The Present State of Haitian Fertility and the International Response

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Photo: Johns Hopkins Public Health

By Meghan Pierce, Undergraduate Research Assistant

The right of the individual to decide how many children to have and when to have them has consistently been the guiding principle in international reproductive health standards, according to the World Health Organization.  Since 2010, Haiti’s rising annual birth rate has been increasingly referred to as a “fertility crisis” by international population demographers.

Haiti’s population is expected to reach 15.7 million by 2050, targeting the need for a reproductive health program to decrease the total fertility rate, currently 3.9 children per woman. In the aftermath of the 2010 earthquake, an influx of international aid arrived to Haiti, with specific funds allocated for family planning initiatives, prioritized because of the ballooning population and dwindling natural resources. However, like many aid programs in Haiti, the funds have been poorly allocated and inefficiently managed. Since 2010, Haiti has been experiencing a “baby boom” in urban areas like Port-au-Prince, due in part to the destruction of infrastructure that once included clinics with contraceptive supplies and counseling. According to the United Nations Population Fund, the Haitian fertility rate has tripled since the disaster.

The unmet need for contraception, defined as the percentage of fertile, married women of reproductive age who do not want to become pregnant and are not using contraception, is currently 32%. For women in the poorest quintile, the majority of whom live in rural areas, the unmet need reaches 44%.The lack of contraception access is especially troublesome in light of the sharply increasing fertility rates, particularly among adolescents.

The risk factors of the urban baby boom are numerous. A 2007 UNFPA study reported that, given irregular or no access to contraception, Haitian women are more inclined to use abortion as a regulatory fertility method. However, the performance of abortions is governed by the provisions of the Haitian Penal Code, which declares the practice to be illegal. Thus, women are more likely to seek riskier abortions, whether self-induced or by an unqualified practitioner.  Haiti is also at risk of increased HIV and STI rates, because of the lack of contraceptive methods that protect against infection, such as female and male condoms. Currently, about 2% of the adult population of Haiti has HIV, and the infection is considered a growing health concern.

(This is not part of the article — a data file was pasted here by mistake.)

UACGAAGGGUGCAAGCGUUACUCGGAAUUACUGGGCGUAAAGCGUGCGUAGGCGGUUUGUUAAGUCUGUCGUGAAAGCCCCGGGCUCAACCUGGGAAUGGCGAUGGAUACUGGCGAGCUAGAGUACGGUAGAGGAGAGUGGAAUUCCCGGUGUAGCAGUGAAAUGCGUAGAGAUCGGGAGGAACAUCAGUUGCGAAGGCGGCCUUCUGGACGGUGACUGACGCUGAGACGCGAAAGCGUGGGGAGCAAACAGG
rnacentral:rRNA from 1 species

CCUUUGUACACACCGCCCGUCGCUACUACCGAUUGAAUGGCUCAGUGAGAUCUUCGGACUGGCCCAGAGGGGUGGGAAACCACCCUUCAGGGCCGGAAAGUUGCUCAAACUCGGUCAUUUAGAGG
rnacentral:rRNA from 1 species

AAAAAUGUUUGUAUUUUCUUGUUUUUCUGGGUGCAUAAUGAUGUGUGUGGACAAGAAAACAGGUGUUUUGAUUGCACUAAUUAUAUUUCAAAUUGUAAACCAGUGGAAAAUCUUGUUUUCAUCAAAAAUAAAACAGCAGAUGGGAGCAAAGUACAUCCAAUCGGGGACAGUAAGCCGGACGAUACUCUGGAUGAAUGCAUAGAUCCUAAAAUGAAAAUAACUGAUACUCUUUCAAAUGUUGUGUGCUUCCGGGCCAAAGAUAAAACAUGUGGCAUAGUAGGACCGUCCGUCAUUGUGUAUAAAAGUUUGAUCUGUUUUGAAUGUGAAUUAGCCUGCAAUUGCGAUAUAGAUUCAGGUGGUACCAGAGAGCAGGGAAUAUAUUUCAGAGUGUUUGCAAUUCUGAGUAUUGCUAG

The Haitian government has yet to respond to the “fertility crisis” with an effective family planning program. 1995 saw the launch of an ambitious decentralization plan that relied on a network of Communal Health Units for the delivery of basic health services, which included reproductive health services. However, progress has been limited, and not all communities benefit from rally health posts, mobile clinics, health agents, and locally trained birth attendants. Furthermore, because of the enormous need and limited staffing, clinics are at risk of a significant drop-off in the quality of care women receive.

USAID reports that the difficulty of access to contraceptive methods is due to frequent stock-outs of contraceptives and a limited range of method choice in most health facilities, which is especially true for long-term methods like IUDs and birth control implants.  The stock-outs have led to the creation of parallel procurement and distribution systems by international organizations, private clinics, and hospitals. This lack of coordination of service delivery is exacerbated in rural areas, as the limited number of health centers and district hospitals are primarily found in urban areas. Furthermore, instruction on the proper use of birth control is frequently overlooked. For example, it has been reported that condoms are not understood as a family planning method to some Haitians, but only as a method of prevention of HIV and STIs. As a result, condoms are not frequently used by couples in committed relationships, as to do so would be to admit unfaithfulness, according to the same report. The lack of proper contraception instruction is further evidenced in that only 21% of Haitian women can situate the fertility period in their menstrual cycle, according to a USAID demographic health survey.

The sheer number of family planning NGOs and US-sponsored organizations working to “manage” Haitian fertility, with few results in recent years, evidences the mismanaged coordination between such groups. The lack of strategic resource distribution and the disparity of urban and rural access to contraception pose many questions about future action. For example, it is questionable if a single family planning service provider would be the most “ideal” response to the high fertility levels. Because of the current political climate, an overhauled government-driven health care system which accommodates family planning services does not seem likely. Yet, the coordination of all family planning funding, staff training, and service distribution by a single NGO, whether domestic or international, seems equally as unlikely. Given the importance of family planning as a gender, economics, and human rights issue, Haiti is at pivotal point as it responds to rising population levels, although perhaps it is not itself ready to define the issue as a “fertility crisis.”